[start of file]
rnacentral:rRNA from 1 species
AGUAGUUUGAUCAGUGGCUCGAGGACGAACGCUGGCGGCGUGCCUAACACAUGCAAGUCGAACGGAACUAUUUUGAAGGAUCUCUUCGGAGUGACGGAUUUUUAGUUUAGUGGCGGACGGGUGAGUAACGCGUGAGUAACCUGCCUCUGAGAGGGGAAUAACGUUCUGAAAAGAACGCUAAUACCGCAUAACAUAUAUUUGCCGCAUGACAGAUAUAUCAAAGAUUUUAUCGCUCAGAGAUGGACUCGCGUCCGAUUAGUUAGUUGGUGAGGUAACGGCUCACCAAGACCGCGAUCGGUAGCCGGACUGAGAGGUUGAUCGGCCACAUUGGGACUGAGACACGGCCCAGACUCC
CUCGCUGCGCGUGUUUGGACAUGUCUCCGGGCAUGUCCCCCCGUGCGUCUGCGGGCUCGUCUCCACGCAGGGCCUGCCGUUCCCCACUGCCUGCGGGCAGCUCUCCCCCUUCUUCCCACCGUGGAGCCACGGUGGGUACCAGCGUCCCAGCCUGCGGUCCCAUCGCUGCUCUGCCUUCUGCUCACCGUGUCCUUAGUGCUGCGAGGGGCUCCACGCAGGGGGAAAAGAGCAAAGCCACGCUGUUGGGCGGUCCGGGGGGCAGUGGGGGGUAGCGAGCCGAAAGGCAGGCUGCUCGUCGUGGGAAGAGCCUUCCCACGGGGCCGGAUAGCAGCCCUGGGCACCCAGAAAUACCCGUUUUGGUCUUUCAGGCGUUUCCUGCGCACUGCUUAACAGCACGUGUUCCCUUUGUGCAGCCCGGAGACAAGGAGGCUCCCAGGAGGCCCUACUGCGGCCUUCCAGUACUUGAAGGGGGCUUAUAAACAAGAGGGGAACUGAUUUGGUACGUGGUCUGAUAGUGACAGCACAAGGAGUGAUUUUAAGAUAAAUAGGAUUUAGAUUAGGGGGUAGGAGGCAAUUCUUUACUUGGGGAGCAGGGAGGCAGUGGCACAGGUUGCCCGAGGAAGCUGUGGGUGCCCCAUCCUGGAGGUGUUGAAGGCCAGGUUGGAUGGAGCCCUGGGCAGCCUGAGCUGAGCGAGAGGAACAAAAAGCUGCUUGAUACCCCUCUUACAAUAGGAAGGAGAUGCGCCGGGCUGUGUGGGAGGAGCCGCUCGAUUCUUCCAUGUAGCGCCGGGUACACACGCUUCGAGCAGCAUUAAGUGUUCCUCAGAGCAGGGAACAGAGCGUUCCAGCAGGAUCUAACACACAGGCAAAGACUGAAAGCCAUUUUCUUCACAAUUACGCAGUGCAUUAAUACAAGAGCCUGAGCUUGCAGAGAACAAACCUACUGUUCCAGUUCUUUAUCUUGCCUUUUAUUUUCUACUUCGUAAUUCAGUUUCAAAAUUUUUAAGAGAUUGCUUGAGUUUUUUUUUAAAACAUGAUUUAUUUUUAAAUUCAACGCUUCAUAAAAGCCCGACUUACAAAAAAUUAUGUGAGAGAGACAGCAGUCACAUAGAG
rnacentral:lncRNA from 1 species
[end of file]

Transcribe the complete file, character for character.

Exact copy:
rnacentral:rRNA from 1 species
AGUAGUUUGAUCAGUGGCUCGAGGACGAACGCUGGCGGCGUGCCUAACACAUGCAAGUCGAACGGAACUAUUUUGAAGGAUCUCUUCGGAGUGACGGAUUUUUAGUUUAGUGGCGGACGGGUGAGUAACGCGUGAGUAACCUGCCUCUGAGAGGGGAAUAACGUUCUGAAAAGAACGCUAAUACCGCAUAACAUAUAUUUGCCGCAUGACAGAUAUAUCAAAGAUUUUAUCGCUCAGAGAUGGACUCGCGUCCGAUUAGUUAGUUGGUGAGGUAACGGCUCACCAAGACCGCGAUCGGUAGCCGGACUGAGAGGUUGAUCGGCCACAUUGGGACUGAGACACGGCCCAGACUCC
CUCGCUGCGCGUGUUUGGACAUGUCUCCGGGCAUGUCCCCCCGUGCGUCUGCGGGCUCGUCUCCACGCAGGGCCUGCCGUUCCCCACUGCCUGCGGGCAGCUCUCCCCCUUCUUCCCACCGUGGAGCCACGGUGGGUACCAGCGUCCCAGCCUGCGGUCCCAUCGCUGCUCUGCCUUCUGCUCACCGUGUCCUUAGUGCUGCGAGGGGCUCCACGCAGGGGGAAAAGAGCAAAGCCACGCUGUUGGGCGGUCCGGGGGGCAGUGGGGGGUAGCGAGCCGAAAGGCAGGCUGCUCGUCGUGGGAAGAGCCUUCCCACGGGGCCGGAUAGCAGCCCUGGGCACCCAGAAAUACCCGUUUUGGUCUUUCAGGCGUUUCCUGCGCACUGCUUAACAGCACGUGUUCCCUUUGUGCAGCCCGGAGACAAGGAGGCUCCCAGGAGGCCCUACUGCGGCCUUCCAGUACUUGAAGGGGGCUUAUAAACAAGAGGGGAACUGAUUUGGUACGUGGUCUGAUAGUGACAGCACAAGGAGUGAUUUUAAGAUAAAUAGGAUUUAGAUUAGGGGGUAGGAGGCAAUUCUUUACUUGGGGAGCAGGGAGGCAGUGGCACAGGUUGCCCGAGGAAGCUGUGGGUGCCCCAUCCUGGAGGUGUUGAAGGCCAGGUUGGAUGGAGCCCUGGGCAGCCUGAGCUGAGCGAGAGGAACAAAAAGCUGCUUGAUACCCCUCUUACAAUAGGAAGGAGAUGCGCCGGGCUGUGUGGGAGGAGCCGCUCGAUUCUUCCAUGUAGCGCCGGGUACACACGCUUCGAGCAGCAUUAAGUGUUCCUCAGAGCAGGGAACAGAGCGUUCCAGCAGGAUCUAACACACAGGCAAAGACUGAAAGCCAUUUUCUUCACAAUUACGCAGUGCAUUAAUACAAGAGCCUGAGCUUGCAGAGAACAAACCUACUGUUCCAGUUCUUUAUCUUGCCUUUUAUUUUCUACUUCGUAAUUCAGUUUCAAAAUUUUUAAGAGAUUGCUUGAGUUUUUUUUUAAAACAUGAUUUAUUUUUAAAUUCAACGCUUCAUAAAAGCCCGACUUACAAAAAAUUAUGUGAGAGAGACAGCAGUCACAUAGAG
rnacentral:lncRNA from 1 species